Wikiversity:School and university projects
- 1 Overview
- 2 Guidelines
- 3 Student orientation
- 4 Projects
- 5 See also
- 6 External links
- advance participant's knowledge;
- create useful content and learning activities that can be shared around the world.
It is important to consider what your students will contribute here. Wikiversity is an experiment on how to make use of wiki technology to support education. If your project fits within that broad mission then you are welcome to make use of Wikiversity resources for your class.
If you feel you could utilize Wikiversity to facilitate your teaching and your students' learning, please feel free. There are a myriad of ways you can go about doing this, and quite a few ways this has already been done.
Learning management system
- create a page for your course
- post syllabi, assignments, syllabi, quizzes, study guides, readings (presuming they are GFDL compatable), reading lists, links, discussions, and so forth.
Learning by doing
Wikiversity has adopted a "learn by doing" model of education. When your students become editors of Wikiversity webpages they learn by collaborating on course-related projects and their effort will contribute online to a global effort to make all of human knowledge freely available.
Wikiversity can also be used as a place to collaborate on projects. You and your students can write papers, conduct research, and discuss the subjects being studied and how best to study them.
Personal learning environment
You and your students can create accounts using their real name or a psuedonym and then utilize Wikiversity as their own personal learning environment whilst participating in the course.
Wikiversity can be difficult for a newcomer to fathom. The welcome page provides an overview to help participants get started quickly. Most Wikiversity participants will also be helpful in guiding newcomers and explaining how we do things. However, for the sake of your class we strongly suggest that you yourself contribute here and become familiar with Wikiversity before sending your students. Your students will be much less likely to encounter problems here if you can give them appropriate guidance.
If you have any questions or need advice -to leave a message and someone from wikiversity will contact you and help you get started. Feel free to contact anyone from the welcoming committee (by clicking on talk next to the name) and type a message describing the project that you would like to start here:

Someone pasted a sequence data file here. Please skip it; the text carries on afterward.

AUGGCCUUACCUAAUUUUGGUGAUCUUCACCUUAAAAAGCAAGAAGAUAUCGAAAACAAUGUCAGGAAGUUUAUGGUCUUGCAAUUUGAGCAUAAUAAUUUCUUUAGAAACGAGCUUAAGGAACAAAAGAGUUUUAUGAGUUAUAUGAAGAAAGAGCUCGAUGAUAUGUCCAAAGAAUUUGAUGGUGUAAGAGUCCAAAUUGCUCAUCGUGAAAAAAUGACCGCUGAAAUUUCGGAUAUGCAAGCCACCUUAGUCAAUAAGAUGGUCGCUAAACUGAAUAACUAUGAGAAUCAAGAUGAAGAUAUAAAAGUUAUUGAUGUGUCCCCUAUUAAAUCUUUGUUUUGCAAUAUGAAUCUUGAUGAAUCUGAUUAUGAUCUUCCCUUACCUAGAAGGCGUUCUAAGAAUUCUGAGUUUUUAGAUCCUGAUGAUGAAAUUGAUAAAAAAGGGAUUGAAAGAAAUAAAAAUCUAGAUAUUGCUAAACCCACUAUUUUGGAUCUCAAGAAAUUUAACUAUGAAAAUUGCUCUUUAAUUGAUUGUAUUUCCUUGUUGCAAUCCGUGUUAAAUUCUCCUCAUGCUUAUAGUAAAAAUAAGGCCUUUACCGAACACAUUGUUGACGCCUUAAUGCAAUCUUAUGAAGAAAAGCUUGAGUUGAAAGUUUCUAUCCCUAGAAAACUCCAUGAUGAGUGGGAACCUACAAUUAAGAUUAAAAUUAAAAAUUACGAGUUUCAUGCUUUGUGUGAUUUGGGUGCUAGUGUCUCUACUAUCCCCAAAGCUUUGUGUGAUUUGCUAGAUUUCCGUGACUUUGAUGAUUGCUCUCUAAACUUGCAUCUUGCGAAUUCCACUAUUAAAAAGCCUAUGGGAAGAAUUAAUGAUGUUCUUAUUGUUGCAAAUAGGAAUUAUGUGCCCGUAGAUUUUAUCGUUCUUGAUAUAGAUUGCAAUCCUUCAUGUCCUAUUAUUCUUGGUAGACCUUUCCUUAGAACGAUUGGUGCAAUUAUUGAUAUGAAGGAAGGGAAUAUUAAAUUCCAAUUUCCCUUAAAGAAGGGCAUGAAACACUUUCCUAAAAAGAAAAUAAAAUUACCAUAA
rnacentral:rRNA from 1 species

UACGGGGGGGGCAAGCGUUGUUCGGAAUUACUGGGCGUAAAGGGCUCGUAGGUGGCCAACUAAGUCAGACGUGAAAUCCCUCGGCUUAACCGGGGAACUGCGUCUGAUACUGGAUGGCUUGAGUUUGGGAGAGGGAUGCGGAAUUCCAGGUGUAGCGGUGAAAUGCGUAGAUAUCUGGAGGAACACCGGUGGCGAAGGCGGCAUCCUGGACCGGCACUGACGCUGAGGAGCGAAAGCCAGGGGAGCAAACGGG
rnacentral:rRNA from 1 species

- mikeu (talk) - physical science, astronomy, history of science
- JWSchmidt (talk) - science, Web 2.0, learning, fiction
- Erkan Yilmaz (talk), general
- James Neill (talk), Social sciences
- Geoff Plourde (talk | email | contribs | , general
Introduction to Wikiversity covers basic concepts used for hosting education-oriented learning projects. Also see Wikiversity's mission. We work closely with sister projects. If your class activities involve content useful to encyclopedia style articles please see Wikipedia. If your project involves development of content potentially useful in a textbook, you may wish to review Wikibooks. Materials developed here during learning activties are easily ported as appropriate to other Wikimedia Foundation projects. Please have your students do real wiki editing that contributes to the Wikiversity mission of promoting learning. Please do not invent irrelevant or off-topic editing tasks that disrupt Wikiversity.
Practice editing before giving a wiki editing assignment to your students. Register a Wikiversity user account for yourself and spend some time editing. Perhaps you can help develop this survey: Wikimedia experience.
Search for existing activities to determine if there are existing Wikiversity activities applicable to your needs. (see Wikiversity:Browse) and use the search box on the top or sidebar. Start a Wikiversity webpage for your planned project and link to it appropriately from applicable portal pages.